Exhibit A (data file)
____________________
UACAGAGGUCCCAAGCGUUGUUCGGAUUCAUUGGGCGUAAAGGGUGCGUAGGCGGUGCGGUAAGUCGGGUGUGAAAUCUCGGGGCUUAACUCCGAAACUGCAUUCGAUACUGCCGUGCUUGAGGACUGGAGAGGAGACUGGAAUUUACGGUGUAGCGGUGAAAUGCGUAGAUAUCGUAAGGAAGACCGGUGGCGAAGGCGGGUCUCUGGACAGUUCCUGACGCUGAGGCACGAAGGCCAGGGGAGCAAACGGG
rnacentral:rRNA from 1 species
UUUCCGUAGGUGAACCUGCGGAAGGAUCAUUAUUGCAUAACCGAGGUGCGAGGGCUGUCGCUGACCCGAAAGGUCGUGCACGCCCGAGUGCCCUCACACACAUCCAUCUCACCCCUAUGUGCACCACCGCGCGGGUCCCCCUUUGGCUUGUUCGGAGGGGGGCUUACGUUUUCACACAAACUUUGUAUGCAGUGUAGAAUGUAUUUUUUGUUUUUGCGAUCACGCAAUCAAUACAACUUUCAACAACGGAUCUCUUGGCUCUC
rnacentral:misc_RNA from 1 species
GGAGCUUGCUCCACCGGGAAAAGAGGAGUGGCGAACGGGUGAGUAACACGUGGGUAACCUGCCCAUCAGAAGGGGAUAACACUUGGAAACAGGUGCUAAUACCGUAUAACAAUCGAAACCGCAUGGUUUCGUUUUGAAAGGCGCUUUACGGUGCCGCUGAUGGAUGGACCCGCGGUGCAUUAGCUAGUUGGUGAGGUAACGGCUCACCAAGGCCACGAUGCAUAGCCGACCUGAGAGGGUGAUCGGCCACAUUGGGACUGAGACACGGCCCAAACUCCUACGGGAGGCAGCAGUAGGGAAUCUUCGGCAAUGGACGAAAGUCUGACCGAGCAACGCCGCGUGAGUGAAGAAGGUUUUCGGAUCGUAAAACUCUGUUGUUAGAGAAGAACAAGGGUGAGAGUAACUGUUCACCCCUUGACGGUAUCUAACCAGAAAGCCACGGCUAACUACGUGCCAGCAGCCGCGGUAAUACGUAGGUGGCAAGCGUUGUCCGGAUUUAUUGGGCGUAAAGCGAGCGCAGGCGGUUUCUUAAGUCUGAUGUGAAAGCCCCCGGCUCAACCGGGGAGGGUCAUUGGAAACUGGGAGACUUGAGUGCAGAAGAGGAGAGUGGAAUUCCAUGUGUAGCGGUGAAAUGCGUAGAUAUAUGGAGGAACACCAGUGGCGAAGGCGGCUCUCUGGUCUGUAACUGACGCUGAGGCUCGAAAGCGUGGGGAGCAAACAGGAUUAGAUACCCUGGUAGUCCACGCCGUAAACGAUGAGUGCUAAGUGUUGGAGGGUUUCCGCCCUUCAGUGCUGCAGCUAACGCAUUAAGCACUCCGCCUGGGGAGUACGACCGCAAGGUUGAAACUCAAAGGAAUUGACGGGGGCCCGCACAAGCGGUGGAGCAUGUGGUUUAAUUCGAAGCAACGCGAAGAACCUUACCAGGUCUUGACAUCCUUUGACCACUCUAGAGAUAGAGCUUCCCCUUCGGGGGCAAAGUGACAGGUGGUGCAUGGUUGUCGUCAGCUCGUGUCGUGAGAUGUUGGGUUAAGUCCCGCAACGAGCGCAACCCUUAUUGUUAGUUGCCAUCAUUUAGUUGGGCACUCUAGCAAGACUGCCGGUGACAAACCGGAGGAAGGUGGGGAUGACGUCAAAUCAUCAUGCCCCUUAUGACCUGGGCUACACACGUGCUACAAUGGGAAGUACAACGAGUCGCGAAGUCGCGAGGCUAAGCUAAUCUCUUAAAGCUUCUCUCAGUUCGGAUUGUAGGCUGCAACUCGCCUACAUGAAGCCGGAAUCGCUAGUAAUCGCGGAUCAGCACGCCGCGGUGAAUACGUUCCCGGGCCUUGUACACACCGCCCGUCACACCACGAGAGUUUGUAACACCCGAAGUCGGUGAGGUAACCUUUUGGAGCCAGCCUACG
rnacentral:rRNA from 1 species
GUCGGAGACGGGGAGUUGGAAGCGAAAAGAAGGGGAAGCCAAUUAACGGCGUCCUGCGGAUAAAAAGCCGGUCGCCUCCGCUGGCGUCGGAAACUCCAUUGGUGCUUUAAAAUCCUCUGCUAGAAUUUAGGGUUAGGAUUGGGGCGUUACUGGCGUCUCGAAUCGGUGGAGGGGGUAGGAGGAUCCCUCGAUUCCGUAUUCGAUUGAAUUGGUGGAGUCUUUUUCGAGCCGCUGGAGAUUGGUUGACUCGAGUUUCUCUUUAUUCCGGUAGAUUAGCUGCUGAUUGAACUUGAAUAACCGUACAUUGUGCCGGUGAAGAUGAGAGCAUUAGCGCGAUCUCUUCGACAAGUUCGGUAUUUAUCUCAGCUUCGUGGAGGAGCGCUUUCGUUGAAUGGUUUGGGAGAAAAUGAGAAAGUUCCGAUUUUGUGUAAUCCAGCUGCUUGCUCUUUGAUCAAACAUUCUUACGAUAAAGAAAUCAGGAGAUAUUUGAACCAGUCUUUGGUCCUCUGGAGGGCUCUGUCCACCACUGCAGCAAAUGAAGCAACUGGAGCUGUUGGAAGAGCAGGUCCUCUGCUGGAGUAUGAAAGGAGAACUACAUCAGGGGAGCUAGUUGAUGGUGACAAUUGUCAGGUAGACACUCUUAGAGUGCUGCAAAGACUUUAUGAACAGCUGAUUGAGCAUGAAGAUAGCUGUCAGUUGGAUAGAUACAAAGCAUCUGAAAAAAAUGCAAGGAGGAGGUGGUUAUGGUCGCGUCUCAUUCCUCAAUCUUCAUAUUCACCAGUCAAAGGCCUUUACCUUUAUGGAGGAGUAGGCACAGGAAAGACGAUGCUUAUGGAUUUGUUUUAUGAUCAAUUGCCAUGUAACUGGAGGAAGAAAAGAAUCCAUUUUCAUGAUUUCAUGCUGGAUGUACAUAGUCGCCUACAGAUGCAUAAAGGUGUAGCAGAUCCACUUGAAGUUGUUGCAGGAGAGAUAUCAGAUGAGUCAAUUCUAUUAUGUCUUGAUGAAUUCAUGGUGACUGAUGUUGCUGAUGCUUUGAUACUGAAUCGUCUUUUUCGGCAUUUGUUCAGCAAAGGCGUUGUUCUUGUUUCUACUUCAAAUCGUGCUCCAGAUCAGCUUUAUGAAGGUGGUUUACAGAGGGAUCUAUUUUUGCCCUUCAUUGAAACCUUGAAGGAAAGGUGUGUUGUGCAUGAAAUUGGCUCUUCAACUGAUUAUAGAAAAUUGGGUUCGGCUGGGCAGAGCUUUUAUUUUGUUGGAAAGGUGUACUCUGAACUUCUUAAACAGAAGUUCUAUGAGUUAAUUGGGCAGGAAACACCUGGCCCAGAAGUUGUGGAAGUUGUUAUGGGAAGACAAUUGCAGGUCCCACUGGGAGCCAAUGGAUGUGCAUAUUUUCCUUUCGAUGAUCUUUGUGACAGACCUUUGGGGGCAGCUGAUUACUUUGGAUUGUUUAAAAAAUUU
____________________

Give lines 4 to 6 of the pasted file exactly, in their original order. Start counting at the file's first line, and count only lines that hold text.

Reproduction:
rnacentral:misc_RNA from 1 species
GGAGCUUGCUCCACCGGGAAAAGAGGAGUGGCGAACGGGUGAGUAACACGUGGGUAACCUGCCCAUCAGAAGGGGAUAACACUUGGAAACAGGUGCUAAUACCGUAUAACAAUCGAAACCGCAUGGUUUCGUUUUGAAAGGCGCUUUACGGUGCCGCUGAUGGAUGGACCCGCGGUGCAUUAGCUAGUUGGUGAGGUAACGGCUCACCAAGGCCACGAUGCAUAGCCGACCUGAGAGGGUGAUCGGCCACAUUGGGACUGAGACACGGCCCAAACUCCUACGGGAGGCAGCAGUAGGGAAUCUUCGGCAAUGGACGAAAGUCUGACCGAGCAACGCCGCGUGAGUGAAGAAGGUUUUCGGAUCGUAAAACUCUGUUGUUAGAGAAGAACAAGGGUGAGAGUAACUGUUCACCCCUUGACGGUAUCUAACCAGAAAGCCACGGCUAACUACGUGCCAGCAGCCGCGGUAAUACGUAGGUGGCAAGCGUUGUCCGGAUUUAUUGGGCGUAAAGCGAGCGCAGGCGGUUUCUUAAGUCUGAUGUGAAAGCCCCCGGCUCAACCGGGGAGGGUCAUUGGAAACUGGGAGACUUGAGUGCAGAAGAGGAGAGUGGAAUUCCAUGUGUAGCGGUGAAAUGCGUAGAUAUAUGGAGGAACACCAGUGGCGAAGGCGGCUCUCUGGUCUGUAACUGACGCUGAGGCUCGAAAGCGUGGGGAGCAAACAGGAUUAGAUACCCUGGUAGUCCACGCCGUAAACGAUGAGUGCUAAGUGUUGGAGGGUUUCCGCCCUUCAGUGCUGCAGCUAACGCAUUAAGCACUCCGCCUGGGGAGUACGACCGCAAGGUUGAAACUCAAAGGAAUUGACGGGGGCCCGCACAAGCGGUGGAGCAUGUGGUUUAAUUCGAAGCAACGCGAAGAACCUUACCAGGUCUUGACAUCCUUUGACCACUCUAGAGAUAGAGCUUCCCCUUCGGGGGCAAAGUGACAGGUGGUGCAUGGUUGUCGUCAGCUCGUGUCGUGAGAUGUUGGGUUAAGUCCCGCAACGAGCGCAACCCUUAUUGUUAGUUGCCAUCAUUUAGUUGGGCACUCUAGCAAGACUGCCGGUGACAAACCGGAGGAAGGUGGGGAUGACGUCAAAUCAUCAUGCCCCUUAUGACCUGGGCUACACACGUGCUACAAUGGGAAGUACAACGAGUCGCGAAGUCGCGAGGCUAAGCUAAUCUCUUAAAGCUUCUCUCAGUUCGGAUUGUAGGCUGCAACUCGCCUACAUGAAGCCGGAAUCGCUAGUAAUCGCGGAUCAGCACGCCGCGGUGAAUACGUUCCCGGGCCUUGUACACACCGCCCGUCACACCACGAGAGUUUGUAACACCCGAAGUCGGUGAGGUAACCUUUUGGAGCCAGCCUACG
rnacentral:rRNA from 1 species